Thoughts of a commercial real estate portfolio may bring to mind images of shiny new retail fronts or vast mixed-use warehouses – but for one local enterprise, it represents a chance to promote equitable communities in Vancouver.
The COVID-19 pandemic – along with a lack of affordable housing, the opioid crisis, gentrification and rising real estate prices – have pushed many not-for-profits and social enterprises out of the neighbourhoods they serve.
This has made it increasing difficulty for residents in Vancouver’s inner-city neighbourhoods to access the resources they need.
Community Impact Real Estate Society (CIRES) aims to fix this by making affordable commercial spaces available to other not-for-profits and social enterprises.
“You think about an area like the Downtown Eastside, which is experiencing lots of pressures, from homelessness, to the opioid poisoning crisis, to gentrification – which is driving up the cost of real estate in the neighbourhood. It’s making it increasingly more difficult for residents who live here to access those goods and services that are so essential to helping them live full and rewarding lives, whether it’s affordable food or job opportunities,” said Steven Johnston, executive director of CIRES.
The organization’s property portfolio consists of 115,000 square feet of commercial real estate space, predominantly in Vancouver’s downtown core. Exactly 45 per cent of the portfolio is leased to for-profit businesses such as The Lamplighter Public House and LifeLabs Medical Laboratory Services.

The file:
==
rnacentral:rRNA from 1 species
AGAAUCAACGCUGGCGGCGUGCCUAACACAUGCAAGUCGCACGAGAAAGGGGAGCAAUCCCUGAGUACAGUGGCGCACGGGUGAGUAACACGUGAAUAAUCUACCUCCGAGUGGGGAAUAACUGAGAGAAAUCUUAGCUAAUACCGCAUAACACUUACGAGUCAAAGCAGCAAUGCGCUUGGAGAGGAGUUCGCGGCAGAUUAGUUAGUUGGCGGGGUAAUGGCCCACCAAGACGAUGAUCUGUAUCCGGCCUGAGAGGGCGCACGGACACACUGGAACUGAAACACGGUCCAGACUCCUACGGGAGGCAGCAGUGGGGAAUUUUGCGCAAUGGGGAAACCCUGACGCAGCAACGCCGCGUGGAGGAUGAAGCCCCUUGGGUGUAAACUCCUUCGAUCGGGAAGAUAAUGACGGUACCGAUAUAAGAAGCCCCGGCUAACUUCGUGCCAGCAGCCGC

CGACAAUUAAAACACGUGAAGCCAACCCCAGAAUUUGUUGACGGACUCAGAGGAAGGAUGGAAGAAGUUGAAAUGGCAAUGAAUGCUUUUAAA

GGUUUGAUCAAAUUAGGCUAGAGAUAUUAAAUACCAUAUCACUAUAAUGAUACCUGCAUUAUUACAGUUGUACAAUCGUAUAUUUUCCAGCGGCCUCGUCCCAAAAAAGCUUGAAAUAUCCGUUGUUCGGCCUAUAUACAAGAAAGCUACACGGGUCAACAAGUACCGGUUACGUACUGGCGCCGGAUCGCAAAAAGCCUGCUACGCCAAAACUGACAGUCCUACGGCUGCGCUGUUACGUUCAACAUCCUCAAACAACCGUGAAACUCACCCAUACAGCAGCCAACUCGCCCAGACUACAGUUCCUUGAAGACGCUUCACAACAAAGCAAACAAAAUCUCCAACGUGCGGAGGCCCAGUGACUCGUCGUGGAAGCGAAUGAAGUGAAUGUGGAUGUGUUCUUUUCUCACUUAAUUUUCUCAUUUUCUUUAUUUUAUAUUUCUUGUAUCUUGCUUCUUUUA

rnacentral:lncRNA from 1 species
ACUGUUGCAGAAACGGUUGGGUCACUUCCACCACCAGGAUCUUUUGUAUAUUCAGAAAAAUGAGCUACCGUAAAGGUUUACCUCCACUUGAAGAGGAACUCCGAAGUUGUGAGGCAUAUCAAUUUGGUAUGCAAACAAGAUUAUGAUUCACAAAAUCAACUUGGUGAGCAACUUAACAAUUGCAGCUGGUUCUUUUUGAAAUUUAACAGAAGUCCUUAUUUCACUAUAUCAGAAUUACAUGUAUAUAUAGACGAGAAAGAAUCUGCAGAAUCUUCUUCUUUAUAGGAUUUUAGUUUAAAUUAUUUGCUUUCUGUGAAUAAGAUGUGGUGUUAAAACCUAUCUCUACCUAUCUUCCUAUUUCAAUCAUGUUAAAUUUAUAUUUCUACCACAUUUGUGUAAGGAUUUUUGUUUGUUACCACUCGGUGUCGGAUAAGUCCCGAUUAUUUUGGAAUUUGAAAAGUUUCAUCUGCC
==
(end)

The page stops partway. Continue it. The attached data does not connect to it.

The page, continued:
“When operating commercial real estate, you’re looking for the best qualified tenant who can afford to pay the most in order to return shareholder value and that’s essentially how we’re a very different commercial real estate operator. Our concern is on social value, not on economic value,” Johnston said.
By having roughly half of businesses pay market rent, CIRES can offer zero-dollar base rent to not-for-profit organizations that provide valuable services to the local community.
Roughly 90 per cent of the portfolio consists of mixed-use buildings with retail on the ground level and housing above. CIRES, which was founded in 2017, does not manage the residential portions of these buildings.
“It really is ground-breaking and it’s a way of thinking about real estate in a very different manner,” Johnston said.
“We make our leasing decisions based on how a tenant helps build community, how they contribute to economic development and leverage that real estate to those goals.… I think that’s what makes us so unique – within the North American landscape anyways.”
Vancouver’s office vacancy rate was 7.4 per cent in the second quarter of this year, with average net rent at $34.79 per square foot, according to real estate company Colliers.
In the retail sector, the “urban retail Collier’s index vacancy rate” is estimated to be 3.9 per cent. In the Gastown area of downtown Vancouver, average net rent was in the range of $70 to $90 per square foot at the end of June 2023.